Andrew Holland, chief operating officer and director of programs at the American Security Project, a Washington, D.C.-based think tank, said advancements in battery technology will help make electric and hybrid-electric vehicles for the military a reality sooner than later.
“Even two years ago, I would’ve said, ‘Oh, electric vehicles are really for non-tactical applications. … The batteries are really too heavy, and I don’t think it will be in sort of combat tactical use for many, many years,’” he said.
But the landscape has changed since then, he noted.
“Batteries are getting better and cheaper, faster than people expected,” he said. New chemistries mean they will be much more energy dense and easier to charge, he added.
“That kind of takes away the issue with … the tactical problem,” he said.
Electric motors offer the military a number of advantages, including the ability to forgo a centralized engine, he said. Instead, the Army could have numerous engines, including one for each wheel.
“That allows you to spread the weight better and it allows you to be more resilient,” he said. “If you lose one engine, it’s not going to cause the whole thing to go down.”
Additionally, electric engines can provide a large amount of torque at rapid speeds.
“The ability of an electric engine to provide … on-demand torque immediately is substantially better than you can get in a diesel or gasoline engine,” he said. “It’s pretty cool to be sitting in there and just press the gas and it goes. … That’s a real tactical advantage.”
Jim Hasik, a senior fellow at George Mason University’s Center for Government Contracting, noted that electric and hybrid-electric vehicles are quieter than conventionally fueled vehicles which is a huge advantage when it comes to stealth.
“If people were rolling up in Bradleys … you knew it well in advance,” he said. However, if the military can get its electric combat vehicles to sound like “an overgrown Prius … rolling across the battlefield, at least for short distances, you hugely suppress your audible signature.”
Another benefit is onboard power, he said.
“You can operate power intensive sensors without actually having to light off a diesel engine,” he said. “You can sit quietly without emitting a great deal of heat that an infrared weapon can hone in on.”
Industry is thinking about new ways to power vehicles, including GM Defense, said David Albritton, the company’s president.
GM Defense recently unveiled a concept for a hydrogen fuel cell-powered vehicle based on the company’s commercial Silverado vehicle known as the Silverado ZH2. The system, which is still being built, will have a range of 400 miles. The move follows previous work GM did with its Colorado platform in conjunction with the Army.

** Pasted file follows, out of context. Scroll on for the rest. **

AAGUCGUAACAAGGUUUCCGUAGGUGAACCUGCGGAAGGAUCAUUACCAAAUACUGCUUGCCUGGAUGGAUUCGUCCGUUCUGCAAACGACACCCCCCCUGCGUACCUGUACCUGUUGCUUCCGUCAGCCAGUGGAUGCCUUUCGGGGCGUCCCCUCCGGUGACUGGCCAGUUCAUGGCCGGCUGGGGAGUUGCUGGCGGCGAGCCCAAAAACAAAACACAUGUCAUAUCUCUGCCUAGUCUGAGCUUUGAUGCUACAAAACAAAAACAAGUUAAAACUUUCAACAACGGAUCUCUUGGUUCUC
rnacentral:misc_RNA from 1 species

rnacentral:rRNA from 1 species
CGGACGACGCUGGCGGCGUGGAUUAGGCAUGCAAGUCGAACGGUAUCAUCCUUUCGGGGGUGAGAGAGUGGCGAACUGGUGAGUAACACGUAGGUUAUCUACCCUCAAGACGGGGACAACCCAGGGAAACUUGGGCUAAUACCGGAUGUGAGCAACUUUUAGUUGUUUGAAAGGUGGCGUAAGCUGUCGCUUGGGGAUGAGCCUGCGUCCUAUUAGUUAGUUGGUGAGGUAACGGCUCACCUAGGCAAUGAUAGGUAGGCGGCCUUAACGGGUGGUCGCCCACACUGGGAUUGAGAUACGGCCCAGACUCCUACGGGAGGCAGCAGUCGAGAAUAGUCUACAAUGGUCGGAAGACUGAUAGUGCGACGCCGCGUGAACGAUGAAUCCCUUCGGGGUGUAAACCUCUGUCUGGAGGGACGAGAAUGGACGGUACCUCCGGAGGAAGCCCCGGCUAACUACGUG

“You have larger payloads, larger capability and you’re able to do different things with that platform than you could with a mid-size truck that we based the Colorado ZH2 on,” he said. “We’re migrating down that path to create a vehicle that we will be able to test and think about different usages of the platform.”
The Silverado ZH2 is still a conceptual vehicle. Albritton declined to comment on a timeline for the completion of the platform but said the company was working alongside the Army.
One of the benefits of a hydrogen fuel cell is its exportable power, he noted. The Silverado ZH2 will give users the ability to take advantage of up to 100 kilowatts of exportable power to juice up other equipment.
“If you think about operators at the pointy end of the spear, … their power source today is mostly dragging along heavy diesel engines,” Albritton said. “They have an odor.
They’re loud. It’s a very inefficient way to create power. … With our product not only can you take the vehicle and power the vehicle from point A to B, you can then export that power for a wide variety of usages.”
That could include active protection systems or directed energy weapons, he said. “You can imagine all kinds of things that require a significant amount of power on a platform to execute that mission,” he said. “You can do that without having any extraneous power sources coming into the theater.”
Additionally, for every hour of operation of a hydrogen fuel cell, two gallons of water are created, he said. With a chemical treatment, that water could be made potable.
Despite these benefits, the Army is unlikely to start pulling diesel engines out of M1 Abrams tanks, Holland said. However, future heavy vehicles in the service’s inventory will likely be substantially different and at least partially electric powered. That technology could start to be fielded in a decade.
And while progress is being made in battery technology it is unlikely that advancements will grow exponentially in a short amount of time like computing power as predicted by Moore’s Law, he said.